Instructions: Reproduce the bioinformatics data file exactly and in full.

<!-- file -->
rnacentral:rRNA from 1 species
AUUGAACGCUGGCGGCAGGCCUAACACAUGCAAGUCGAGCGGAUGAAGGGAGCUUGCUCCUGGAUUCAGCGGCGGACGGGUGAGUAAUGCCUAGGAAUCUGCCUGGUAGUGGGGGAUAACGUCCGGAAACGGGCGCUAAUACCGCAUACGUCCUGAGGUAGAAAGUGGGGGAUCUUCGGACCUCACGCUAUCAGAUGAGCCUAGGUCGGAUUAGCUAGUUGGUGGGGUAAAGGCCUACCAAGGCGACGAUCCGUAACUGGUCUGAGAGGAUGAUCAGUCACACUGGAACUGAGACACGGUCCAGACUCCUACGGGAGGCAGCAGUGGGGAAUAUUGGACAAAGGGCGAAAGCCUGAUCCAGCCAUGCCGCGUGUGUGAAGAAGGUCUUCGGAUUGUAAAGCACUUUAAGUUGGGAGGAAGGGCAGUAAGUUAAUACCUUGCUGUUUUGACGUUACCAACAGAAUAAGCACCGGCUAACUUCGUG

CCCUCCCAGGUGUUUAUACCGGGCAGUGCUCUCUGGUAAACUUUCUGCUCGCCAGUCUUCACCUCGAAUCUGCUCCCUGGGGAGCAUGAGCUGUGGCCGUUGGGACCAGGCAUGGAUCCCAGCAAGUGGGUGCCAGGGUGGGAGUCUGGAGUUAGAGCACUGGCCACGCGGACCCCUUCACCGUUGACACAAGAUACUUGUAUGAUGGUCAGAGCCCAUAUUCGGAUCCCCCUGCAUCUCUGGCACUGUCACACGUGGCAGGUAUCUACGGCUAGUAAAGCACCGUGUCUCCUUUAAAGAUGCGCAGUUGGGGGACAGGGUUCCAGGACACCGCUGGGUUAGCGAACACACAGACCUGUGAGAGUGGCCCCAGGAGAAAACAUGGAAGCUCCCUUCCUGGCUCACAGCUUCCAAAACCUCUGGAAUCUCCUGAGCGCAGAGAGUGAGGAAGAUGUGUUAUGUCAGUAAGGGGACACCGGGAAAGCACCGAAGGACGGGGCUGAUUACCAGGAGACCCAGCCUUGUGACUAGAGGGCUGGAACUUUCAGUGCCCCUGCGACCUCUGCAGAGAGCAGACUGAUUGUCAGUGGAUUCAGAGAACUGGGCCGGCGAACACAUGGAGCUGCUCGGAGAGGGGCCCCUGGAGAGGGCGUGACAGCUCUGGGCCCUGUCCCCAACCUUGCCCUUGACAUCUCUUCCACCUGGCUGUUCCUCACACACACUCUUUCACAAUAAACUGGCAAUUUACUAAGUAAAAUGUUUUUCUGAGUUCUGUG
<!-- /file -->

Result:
rnacentral:rRNA from 1 species
AUUGAACGCUGGCGGCAGGCCUAACACAUGCAAGUCGAGCGGAUGAAGGGAGCUUGCUCCUGGAUUCAGCGGCGGACGGGUGAGUAAUGCCUAGGAAUCUGCCUGGUAGUGGGGGAUAACGUCCGGAAACGGGCGCUAAUACCGCAUACGUCCUGAGGUAGAAAGUGGGGGAUCUUCGGACCUCACGCUAUCAGAUGAGCCUAGGUCGGAUUAGCUAGUUGGUGGGGUAAAGGCCUACCAAGGCGACGAUCCGUAACUGGUCUGAGAGGAUGAUCAGUCACACUGGAACUGAGACACGGUCCAGACUCCUACGGGAGGCAGCAGUGGGGAAUAUUGGACAAAGGGCGAAAGCCUGAUCCAGCCAUGCCGCGUGUGUGAAGAAGGUCUUCGGAUUGUAAAGCACUUUAAGUUGGGAGGAAGGGCAGUAAGUUAAUACCUUGCUGUUUUGACGUUACCAACAGAAUAAGCACCGGCUAACUUCGUG

CCCUCCCAGGUGUUUAUACCGGGCAGUGCUCUCUGGUAAACUUUCUGCUCGCCAGUCUUCACCUCGAAUCUGCUCCCUGGGGAGCAUGAGCUGUGGCCGUUGGGACCAGGCAUGGAUCCCAGCAAGUGGGUGCCAGGGUGGGAGUCUGGAGUUAGAGCACUGGCCACGCGGACCCCUUCACCGUUGACACAAGAUACUUGUAUGAUGGUCAGAGCCCAUAUUCGGAUCCCCCUGCAUCUCUGGCACUGUCACACGUGGCAGGUAUCUACGGCUAGUAAAGCACCGUGUCUCCUUUAAAGAUGCGCAGUUGGGGGACAGGGUUCCAGGACACCGCUGGGUUAGCGAACACACAGACCUGUGAGAGUGGCCCCAGGAGAAAACAUGGAAGCUCCCUUCCUGGCUCACAGCUUCCAAAACCUCUGGAAUCUCCUGAGCGCAGAGAGUGAGGAAGAUGUGUUAUGUCAGUAAGGGGACACCGGGAAAGCACCGAAGGACGGGGCUGAUUACCAGGAGACCCAGCCUUGUGACUAGAGGGCUGGAACUUUCAGUGCCCCUGCGACCUCUGCAGAGAGCAGACUGAUUGUCAGUGGAUUCAGAGAACUGGGCCGGCGAACACAUGGAGCUGCUCGGAGAGGGGCCCCUGGAGAGGGCGUGACAGCUCUGGGCCCUGUCCCCAACCUUGCCCUUGACAUCUCUUCCACCUGGCUGUUCCUCACACACACUCUUUCACAAUAAACUGGCAAUUUACUAAGUAAAAUGUUUUUCUGAGUUCUGUG